Complex Multiplication

1. Jul 23, 2014

seminum

Is this statement true?

$$\bf{Re}\{z_1 \times z_2\} = 0 \,\, and \,\, z_2 \ne 0 \Rightarrow z_1 = 0 \,\,\, where \, z_1; z_2 \in \rm{C}$$

Thanks.

2. Jul 23, 2014

Mentallic

No. Can you find an example of where it won't work?

Let $z_1=a+bi; z_2=x+yi;$ and choose x and y such that they're not both zero, and a,b are not both zero either.

3. Jul 23, 2014

George Jones

Staff Emeritus
What happens if the polar form of complex numbers is used instead of the rectangular form?

4. Jul 23, 2014

seminum

That's what I'm getting at actually. In one text book it's presented in polar form and it says it's true in an attempt to apply Voltage Kirchhoff's law to sum of phasors.

5. Jul 23, 2014

George Jones

Staff Emeritus
Write $z_1 = r_1 e^{i\theta_1}$ and $z_2 = r_2 e^{i\theta_2}$. Set $0 = z_1 z_1$. What do you get?

6. Jul 23, 2014

seminum

Oh man you are smart!!! Thanks.

7. Jul 23, 2014

seminum

Sorry I forget something. The Real part of the multiplication is 0, which still does not imply one of the complex numbers is 0.

8. Jul 23, 2014

George Jones

Staff Emeritus
If $z = re^{i\theta} = a + ib$, then $z = 0$ if and only if $0 = r = \sqrt{a^2 + b^2}$ if and only if $0 = a = b$.

9. Jul 23, 2014

Mentallic

I'm confused. Are we looking at the same thing here?

Let $z_1=z_2=1+i$, then $z_1z_2 = (1+i)^2 = 1+2i-1 = 2i$, hence $Re(z_1z_2)=0$ which disproves the statement above because $z_1,z_2\neq 0$.

10. Jul 23, 2014

George Jones

Staff Emeritus
We are looking at the same thing, but one of us (me) isn't able to read. No matter how many times I read it, I couldn't see the $\bf{Re}$ in

Even
still didn't clue me in.

Apparently not. Sorry seminum and Mentallic.

I think polar form still helps (to show that the statement is incorrect).

$$z_1 z_2 = r_1 r_2 e^{i \left( \theta_1 + \theta_2 \right)}$$

This is purely imaginary for non-zero $z_1$ and $z_1$ if $\theta_1 + \theta_2 = \pi/2 +n\pi$. Mentallic's example has $\theta_1 = \theta_2 = \pi/4$. Another simple example is $z_1 = 1$ and $z_2 = i$.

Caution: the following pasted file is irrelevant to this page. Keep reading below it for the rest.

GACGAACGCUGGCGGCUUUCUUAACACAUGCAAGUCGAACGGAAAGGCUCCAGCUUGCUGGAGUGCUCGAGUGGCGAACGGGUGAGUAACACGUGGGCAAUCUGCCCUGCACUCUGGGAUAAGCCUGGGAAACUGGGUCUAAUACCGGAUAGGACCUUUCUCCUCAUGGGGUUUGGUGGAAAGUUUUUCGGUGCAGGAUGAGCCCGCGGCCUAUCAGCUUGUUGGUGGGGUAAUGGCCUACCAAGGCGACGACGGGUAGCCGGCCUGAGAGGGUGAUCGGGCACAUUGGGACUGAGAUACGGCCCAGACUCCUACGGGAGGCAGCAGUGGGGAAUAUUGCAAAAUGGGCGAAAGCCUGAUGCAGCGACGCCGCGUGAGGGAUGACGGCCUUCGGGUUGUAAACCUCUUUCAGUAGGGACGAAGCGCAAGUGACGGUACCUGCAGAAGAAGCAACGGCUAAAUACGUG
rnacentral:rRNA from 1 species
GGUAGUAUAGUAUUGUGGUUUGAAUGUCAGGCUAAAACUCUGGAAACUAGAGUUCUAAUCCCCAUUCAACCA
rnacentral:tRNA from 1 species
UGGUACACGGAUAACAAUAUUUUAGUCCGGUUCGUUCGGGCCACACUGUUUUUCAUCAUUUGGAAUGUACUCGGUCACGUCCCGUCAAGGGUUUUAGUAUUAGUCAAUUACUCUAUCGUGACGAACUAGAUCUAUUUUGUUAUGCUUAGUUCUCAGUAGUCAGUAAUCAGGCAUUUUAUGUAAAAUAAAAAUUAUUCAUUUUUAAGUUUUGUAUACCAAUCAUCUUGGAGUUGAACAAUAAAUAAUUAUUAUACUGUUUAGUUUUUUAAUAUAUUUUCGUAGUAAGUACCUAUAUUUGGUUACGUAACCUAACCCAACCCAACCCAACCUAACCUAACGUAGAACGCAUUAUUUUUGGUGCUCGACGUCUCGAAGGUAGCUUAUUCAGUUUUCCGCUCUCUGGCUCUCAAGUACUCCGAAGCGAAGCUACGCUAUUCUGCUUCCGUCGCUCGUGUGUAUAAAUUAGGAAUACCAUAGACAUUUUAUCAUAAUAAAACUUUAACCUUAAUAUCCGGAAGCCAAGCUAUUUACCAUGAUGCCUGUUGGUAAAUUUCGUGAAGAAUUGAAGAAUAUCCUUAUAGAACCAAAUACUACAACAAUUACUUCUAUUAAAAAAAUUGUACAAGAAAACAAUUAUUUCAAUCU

11. Jul 24, 2014

seminum

Yes I could disprove the statement using rectangular form. However based on my understanding the following text says the opposite:

Electric Circuits 9th Ed by Nilsson and Riedel
Page 321, Kirchhoff's Law in the Frequency Domain

12. Jul 24, 2014

George Jones

Staff Emeritus
What if the line after (9.40),
is changed to

13. Jul 24, 2014

Curious3141

If you do the (simple) algebra in rectangular form, you'll quickly find that:

$$\bf{Re}(z_1 \times z_2) = 0 \iff \bf{Re}(z_1)\bf{Re}(z_2) = \bf{Im}(z_1)\bf{Im}(z_2)$$

and that's the only condition that needs to be satisfied. Mentallic's example is merely the special case with $\bf{Re}(z_1) = \bf{Re}(z_2) = \bf{Im}(z_1) = \bf{Im}(z_2) = 1$.

14. Jul 24, 2014

George Jones

Staff Emeritus
Curious3141, the text has given the right result for the wrong reason. In more detail: the text has written (for $z$ independent of $t$) $0 = \bf{Re} \left( z e^{j\omega t} \right\}$ implies that $z=0.$

$$0 = 2\bf{Re}\left\{ z e^{j\omega t} \right\} = z e^{j\omega t} + \left( z e^{j\omega t} \right)^* = z e^{j\omega t} + z^* e^{-j\omega t}$$

What does $t = 0$ give?

What does $t = \pi/\left(2\omega\right)$ give?

15. Jul 24, 2014

Curious3141

Hi George, I don't have the text, but going by what you've written, if we let $z = re^{j\theta}$, then the condition implies that $\bf{Re}(re^{j(\omega t + \theta)}) = 0 \implies r\cos({\omega t + \theta}) = 0 \implies r = 0 \space \rm{or} \space \omega t + \theta = \frac{\pi}{2} + 2k\pi$.

Since the latter is excluded by independence between $z \space \rm{and}\space t$, the only possibility is $r=0 \implies z = 0$.

16. Jul 24, 2014

George Jones

Staff Emeritus
Yes.

More explicitly, $t=0$ gives $0=\bf{Re} \left\{ z\right\}$, and $t = \pi/\left(2\omega\right)$ gives $0=\bf{Im} \left\{ z\right\}$.

17. Jul 24, 2014

Trevo

I was just looking around on pf and I came across this thinking I would understand it. I got lost on the first post :(

18. Jul 24, 2014

seminum

Gotcha! Thanks.

19. Jul 24, 2014

Mentallic

If you have two complex numbers,

$$z_1=a+ib$$

$$z_2=x+iy$$

and multiply them, of course you get

$$z_1z_2=(a+ib)(x+iy)=ax-by+i(ay+bx)$$

and $Re(z_1z_2) = ax-by$ is the real part of that result (just as $Re(z_1)=a, Re(z_2)=x$).

So the question is asking, if $z_2\neq 0$ which means that x and y aren't both zero (one of them can be zero) then are we forced to choose $z_1=0$ so that we can end up with $Re(z_1z_2)=0$?

The answer is no because as we can see, $Re(z_1z_2)=ax-by=0$ and for simplicity, if we choose x=y where x and y aren't zero, then we get $ax-by=ax-bx=x(a-b)=0$ which means we end up with a-b=0, a=b. So we don't need to choose $z_1=0$ to satisfy the result, we can choose $z_1=a+ia$ for any a that's non-zero. Also, if we didn't restrict x=y then we'd find other combinations that satisfy the result as well.

Hence my example earlier with choosing $z_1=z_2=1+i$.